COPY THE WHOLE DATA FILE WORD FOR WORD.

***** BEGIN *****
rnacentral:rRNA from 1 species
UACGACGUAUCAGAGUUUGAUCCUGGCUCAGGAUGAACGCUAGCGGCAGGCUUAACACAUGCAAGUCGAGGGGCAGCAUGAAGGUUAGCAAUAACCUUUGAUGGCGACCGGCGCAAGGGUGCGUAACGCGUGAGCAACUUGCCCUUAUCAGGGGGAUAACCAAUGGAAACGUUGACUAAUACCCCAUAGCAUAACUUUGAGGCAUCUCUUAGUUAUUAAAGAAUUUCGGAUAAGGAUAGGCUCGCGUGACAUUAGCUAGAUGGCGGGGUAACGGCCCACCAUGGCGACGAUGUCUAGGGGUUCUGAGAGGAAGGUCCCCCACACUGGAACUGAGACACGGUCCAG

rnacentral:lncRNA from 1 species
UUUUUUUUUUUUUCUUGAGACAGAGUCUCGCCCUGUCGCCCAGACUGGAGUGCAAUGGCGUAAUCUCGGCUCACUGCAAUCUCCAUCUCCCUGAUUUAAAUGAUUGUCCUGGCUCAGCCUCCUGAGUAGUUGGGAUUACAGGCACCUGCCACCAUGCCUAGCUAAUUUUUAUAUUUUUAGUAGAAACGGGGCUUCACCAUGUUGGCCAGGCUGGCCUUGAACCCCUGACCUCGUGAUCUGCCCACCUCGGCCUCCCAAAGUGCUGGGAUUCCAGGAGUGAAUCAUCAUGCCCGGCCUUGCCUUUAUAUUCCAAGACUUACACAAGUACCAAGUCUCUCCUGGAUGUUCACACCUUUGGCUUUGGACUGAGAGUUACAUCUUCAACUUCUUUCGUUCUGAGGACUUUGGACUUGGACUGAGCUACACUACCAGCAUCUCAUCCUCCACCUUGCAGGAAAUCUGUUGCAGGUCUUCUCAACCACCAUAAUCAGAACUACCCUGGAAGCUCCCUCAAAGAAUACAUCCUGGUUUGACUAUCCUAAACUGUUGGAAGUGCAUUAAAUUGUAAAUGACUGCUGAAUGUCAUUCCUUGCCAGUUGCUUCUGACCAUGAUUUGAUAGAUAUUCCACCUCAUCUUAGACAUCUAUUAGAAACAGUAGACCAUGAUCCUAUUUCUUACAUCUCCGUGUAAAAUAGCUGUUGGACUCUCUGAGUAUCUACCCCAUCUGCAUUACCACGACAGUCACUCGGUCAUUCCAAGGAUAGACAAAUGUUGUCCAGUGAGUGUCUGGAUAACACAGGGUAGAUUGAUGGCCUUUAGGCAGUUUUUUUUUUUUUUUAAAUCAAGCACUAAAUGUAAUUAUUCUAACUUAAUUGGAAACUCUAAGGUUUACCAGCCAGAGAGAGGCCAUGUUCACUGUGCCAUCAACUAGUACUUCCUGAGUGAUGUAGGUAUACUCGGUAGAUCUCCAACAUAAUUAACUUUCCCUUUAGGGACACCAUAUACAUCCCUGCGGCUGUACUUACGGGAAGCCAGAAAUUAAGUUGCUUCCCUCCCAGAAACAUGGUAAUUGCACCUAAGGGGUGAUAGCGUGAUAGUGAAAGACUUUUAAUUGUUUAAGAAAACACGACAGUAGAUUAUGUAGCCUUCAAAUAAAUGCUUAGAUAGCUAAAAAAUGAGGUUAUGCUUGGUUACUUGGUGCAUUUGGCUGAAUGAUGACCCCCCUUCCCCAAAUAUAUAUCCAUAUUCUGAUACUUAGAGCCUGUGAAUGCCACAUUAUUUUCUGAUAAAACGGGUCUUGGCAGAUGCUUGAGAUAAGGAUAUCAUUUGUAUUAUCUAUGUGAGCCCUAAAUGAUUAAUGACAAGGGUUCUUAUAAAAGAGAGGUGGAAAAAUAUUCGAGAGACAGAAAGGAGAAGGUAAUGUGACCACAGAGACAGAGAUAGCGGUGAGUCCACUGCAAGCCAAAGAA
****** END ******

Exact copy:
rnacentral:rRNA from 1 species
UACGACGUAUCAGAGUUUGAUCCUGGCUCAGGAUGAACGCUAGCGGCAGGCUUAACACAUGCAAGUCGAGGGGCAGCAUGAAGGUUAGCAAUAACCUUUGAUGGCGACCGGCGCAAGGGUGCGUAACGCGUGAGCAACUUGCCCUUAUCAGGGGGAUAACCAAUGGAAACGUUGACUAAUACCCCAUAGCAUAACUUUGAGGCAUCUCUUAGUUAUUAAAGAAUUUCGGAUAAGGAUAGGCUCGCGUGACAUUAGCUAGAUGGCGGGGUAACGGCCCACCAUGGCGACGAUGUCUAGGGGUUCUGAGAGGAAGGUCCCCCACACUGGAACUGAGACACGGUCCAG

rnacentral:lncRNA from 1 species
UUUUUUUUUUUUUCUUGAGACAGAGUCUCGCCCUGUCGCCCAGACUGGAGUGCAAUGGCGUAAUCUCGGCUCACUGCAAUCUCCAUCUCCCUGAUUUAAAUGAUUGUCCUGGCUCAGCCUCCUGAGUAGUUGGGAUUACAGGCACCUGCCACCAUGCCUAGCUAAUUUUUAUAUUUUUAGUAGAAACGGGGCUUCACCAUGUUGGCCAGGCUGGCCUUGAACCCCUGACCUCGUGAUCUGCCCACCUCGGCCUCCCAAAGUGCUGGGAUUCCAGGAGUGAAUCAUCAUGCCCGGCCUUGCCUUUAUAUUCCAAGACUUACACAAGUACCAAGUCUCUCCUGGAUGUUCACACCUUUGGCUUUGGACUGAGAGUUACAUCUUCAACUUCUUUCGUUCUGAGGACUUUGGACUUGGACUGAGCUACACUACCAGCAUCUCAUCCUCCACCUUGCAGGAAAUCUGUUGCAGGUCUUCUCAACCACCAUAAUCAGAACUACCCUGGAAGCUCCCUCAAAGAAUACAUCCUGGUUUGACUAUCCUAAACUGUUGGAAGUGCAUUAAAUUGUAAAUGACUGCUGAAUGUCAUUCCUUGCCAGUUGCUUCUGACCAUGAUUUGAUAGAUAUUCCACCUCAUCUUAGACAUCUAUUAGAAACAGUAGACCAUGAUCCUAUUUCUUACAUCUCCGUGUAAAAUAGCUGUUGGACUCUCUGAGUAUCUACCCCAUCUGCAUUACCACGACAGUCACUCGGUCAUUCCAAGGAUAGACAAAUGUUGUCCAGUGAGUGUCUGGAUAACACAGGGUAGAUUGAUGGCCUUUAGGCAGUUUUUUUUUUUUUUUAAAUCAAGCACUAAAUGUAAUUAUUCUAACUUAAUUGGAAACUCUAAGGUUUACCAGCCAGAGAGAGGCCAUGUUCACUGUGCCAUCAACUAGUACUUCCUGAGUGAUGUAGGUAUACUCGGUAGAUCUCCAACAUAAUUAACUUUCCCUUUAGGGACACCAUAUACAUCCCUGCGGCUGUACUUACGGGAAGCCAGAAAUUAAGUUGCUUCCCUCCCAGAAACAUGGUAAUUGCACCUAAGGGGUGAUAGCGUGAUAGUGAAAGACUUUUAAUUGUUUAAGAAAACACGACAGUAGAUUAUGUAGCCUUCAAAUAAAUGCUUAGAUAGCUAAAAAAUGAGGUUAUGCUUGGUUACUUGGUGCAUUUGGCUGAAUGAUGACCCCCCUUCCCCAAAUAUAUAUCCAUAUUCUGAUACUUAGAGCCUGUGAAUGCCACAUUAUUUUCUGAUAAAACGGGUCUUGGCAGAUGCUUGAGAUAAGGAUAUCAUUUGUAUUAUCUAUGUGAGCCCUAAAUGAUUAAUGACAAGGGUUCUUAUAAAAGAGAGGUGGAAAAAUAUUCGAGAGACAGAAAGGAGAAGGUAAUGUGACCACAGAGACAGAGAUAGCGGUGAGUCCACUGCAAGCCAAAGAA